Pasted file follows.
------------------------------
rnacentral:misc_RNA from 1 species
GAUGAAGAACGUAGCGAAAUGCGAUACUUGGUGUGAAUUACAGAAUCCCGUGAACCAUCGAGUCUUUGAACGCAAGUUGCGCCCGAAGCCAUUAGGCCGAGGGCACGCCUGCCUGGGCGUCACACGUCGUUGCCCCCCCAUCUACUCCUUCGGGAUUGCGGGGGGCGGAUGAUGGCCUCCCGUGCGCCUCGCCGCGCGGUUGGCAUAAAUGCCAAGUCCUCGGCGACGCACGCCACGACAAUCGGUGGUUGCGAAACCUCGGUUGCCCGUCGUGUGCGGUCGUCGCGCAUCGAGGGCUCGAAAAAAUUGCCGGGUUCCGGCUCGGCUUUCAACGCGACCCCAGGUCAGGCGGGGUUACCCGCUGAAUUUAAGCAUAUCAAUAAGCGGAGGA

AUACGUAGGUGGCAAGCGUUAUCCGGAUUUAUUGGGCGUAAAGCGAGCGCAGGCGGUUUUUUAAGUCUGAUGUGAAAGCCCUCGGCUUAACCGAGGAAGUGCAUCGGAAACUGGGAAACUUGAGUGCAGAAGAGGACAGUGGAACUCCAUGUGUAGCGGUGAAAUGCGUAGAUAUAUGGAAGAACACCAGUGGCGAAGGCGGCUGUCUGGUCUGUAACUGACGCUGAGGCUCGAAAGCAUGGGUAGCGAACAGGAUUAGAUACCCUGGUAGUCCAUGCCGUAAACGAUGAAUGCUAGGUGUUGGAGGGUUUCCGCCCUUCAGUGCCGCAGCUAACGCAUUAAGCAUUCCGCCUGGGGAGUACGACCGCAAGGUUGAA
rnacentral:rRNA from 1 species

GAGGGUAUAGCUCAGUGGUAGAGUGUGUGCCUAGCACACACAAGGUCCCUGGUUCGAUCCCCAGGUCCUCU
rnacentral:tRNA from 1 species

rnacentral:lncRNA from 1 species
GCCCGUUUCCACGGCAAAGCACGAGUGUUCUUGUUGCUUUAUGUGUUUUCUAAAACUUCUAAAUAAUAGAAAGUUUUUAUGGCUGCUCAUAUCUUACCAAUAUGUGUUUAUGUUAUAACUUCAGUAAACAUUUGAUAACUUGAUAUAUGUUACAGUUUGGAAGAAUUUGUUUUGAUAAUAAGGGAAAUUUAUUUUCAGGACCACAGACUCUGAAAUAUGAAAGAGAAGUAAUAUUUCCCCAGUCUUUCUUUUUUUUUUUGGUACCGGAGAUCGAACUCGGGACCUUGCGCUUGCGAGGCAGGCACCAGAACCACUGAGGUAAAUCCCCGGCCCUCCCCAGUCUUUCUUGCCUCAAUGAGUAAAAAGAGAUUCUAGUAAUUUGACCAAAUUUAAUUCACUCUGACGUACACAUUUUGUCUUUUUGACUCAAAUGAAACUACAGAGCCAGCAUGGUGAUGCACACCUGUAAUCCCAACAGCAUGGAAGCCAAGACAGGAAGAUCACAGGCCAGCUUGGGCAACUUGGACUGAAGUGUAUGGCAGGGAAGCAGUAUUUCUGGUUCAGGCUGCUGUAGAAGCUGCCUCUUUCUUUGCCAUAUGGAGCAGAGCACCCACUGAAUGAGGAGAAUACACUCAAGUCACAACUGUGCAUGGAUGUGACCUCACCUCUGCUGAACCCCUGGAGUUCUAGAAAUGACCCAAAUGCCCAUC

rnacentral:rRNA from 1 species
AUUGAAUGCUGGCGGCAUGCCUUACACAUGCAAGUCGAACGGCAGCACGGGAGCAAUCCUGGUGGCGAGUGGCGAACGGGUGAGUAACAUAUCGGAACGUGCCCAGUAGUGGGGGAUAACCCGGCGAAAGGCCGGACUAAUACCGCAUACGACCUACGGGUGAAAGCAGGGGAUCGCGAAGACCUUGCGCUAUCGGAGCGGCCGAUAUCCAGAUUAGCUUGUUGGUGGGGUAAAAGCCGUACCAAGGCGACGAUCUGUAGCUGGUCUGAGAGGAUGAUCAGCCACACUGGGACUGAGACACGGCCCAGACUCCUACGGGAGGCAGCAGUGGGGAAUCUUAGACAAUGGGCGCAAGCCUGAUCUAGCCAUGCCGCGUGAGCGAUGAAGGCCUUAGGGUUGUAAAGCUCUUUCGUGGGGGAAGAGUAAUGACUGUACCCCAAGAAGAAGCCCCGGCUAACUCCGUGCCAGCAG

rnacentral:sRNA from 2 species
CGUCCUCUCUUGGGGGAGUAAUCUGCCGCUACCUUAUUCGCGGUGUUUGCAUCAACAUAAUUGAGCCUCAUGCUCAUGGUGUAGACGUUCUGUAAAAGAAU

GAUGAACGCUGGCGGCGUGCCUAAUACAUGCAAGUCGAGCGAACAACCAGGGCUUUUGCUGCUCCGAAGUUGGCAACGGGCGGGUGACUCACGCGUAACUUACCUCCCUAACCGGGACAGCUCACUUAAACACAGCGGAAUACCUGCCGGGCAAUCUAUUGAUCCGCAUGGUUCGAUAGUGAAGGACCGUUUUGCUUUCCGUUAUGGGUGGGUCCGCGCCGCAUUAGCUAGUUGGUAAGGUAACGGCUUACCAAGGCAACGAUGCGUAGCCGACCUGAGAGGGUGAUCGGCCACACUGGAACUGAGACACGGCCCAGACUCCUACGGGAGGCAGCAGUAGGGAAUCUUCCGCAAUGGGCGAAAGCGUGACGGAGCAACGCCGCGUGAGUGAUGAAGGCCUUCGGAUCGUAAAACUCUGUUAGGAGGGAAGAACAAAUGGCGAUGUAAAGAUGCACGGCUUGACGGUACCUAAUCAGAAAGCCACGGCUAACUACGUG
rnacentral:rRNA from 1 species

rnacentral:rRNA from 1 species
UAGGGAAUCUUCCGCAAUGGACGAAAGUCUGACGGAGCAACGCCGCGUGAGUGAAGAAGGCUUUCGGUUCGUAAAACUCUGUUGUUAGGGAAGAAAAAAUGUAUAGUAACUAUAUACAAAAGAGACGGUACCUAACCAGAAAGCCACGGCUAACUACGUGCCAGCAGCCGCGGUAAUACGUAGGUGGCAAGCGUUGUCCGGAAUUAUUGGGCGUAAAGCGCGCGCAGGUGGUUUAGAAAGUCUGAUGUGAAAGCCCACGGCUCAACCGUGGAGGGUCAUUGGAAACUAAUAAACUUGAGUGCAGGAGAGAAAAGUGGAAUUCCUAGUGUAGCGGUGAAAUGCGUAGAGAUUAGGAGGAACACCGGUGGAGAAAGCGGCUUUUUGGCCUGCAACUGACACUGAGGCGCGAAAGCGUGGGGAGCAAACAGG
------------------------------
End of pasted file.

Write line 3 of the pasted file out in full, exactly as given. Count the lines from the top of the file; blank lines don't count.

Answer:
AUACGUAGGUGGCAAGCGUUAUCCGGAUUUAUUGGGCGUAAAGCGAGCGCAGGCGGUUUUUUAAGUCUGAUGUGAAAGCCCUCGGCUUAACCGAGGAAGUGCAUCGGAAACUGGGAAACUUGAGUGCAGAAGAGGACAGUGGAACUCCAUGUGUAGCGGUGAAAUGCGUAGAUAUAUGGAAGAACACCAGUGGCGAAGGCGGCUGUCUGGUCUGUAACUGACGCUGAGGCUCGAAAGCAUGGGUAGCGAACAGGAUUAGAUACCCUGGUAGUCCAUGCCGUAAACGAUGAAUGCUAGGUGUUGGAGGGUUUCCGCCCUUCAGUGCCGCAGCUAACGCAUUAAGCAUUCCGCCUGGGGAGUACGACCGCAAGGUUGAA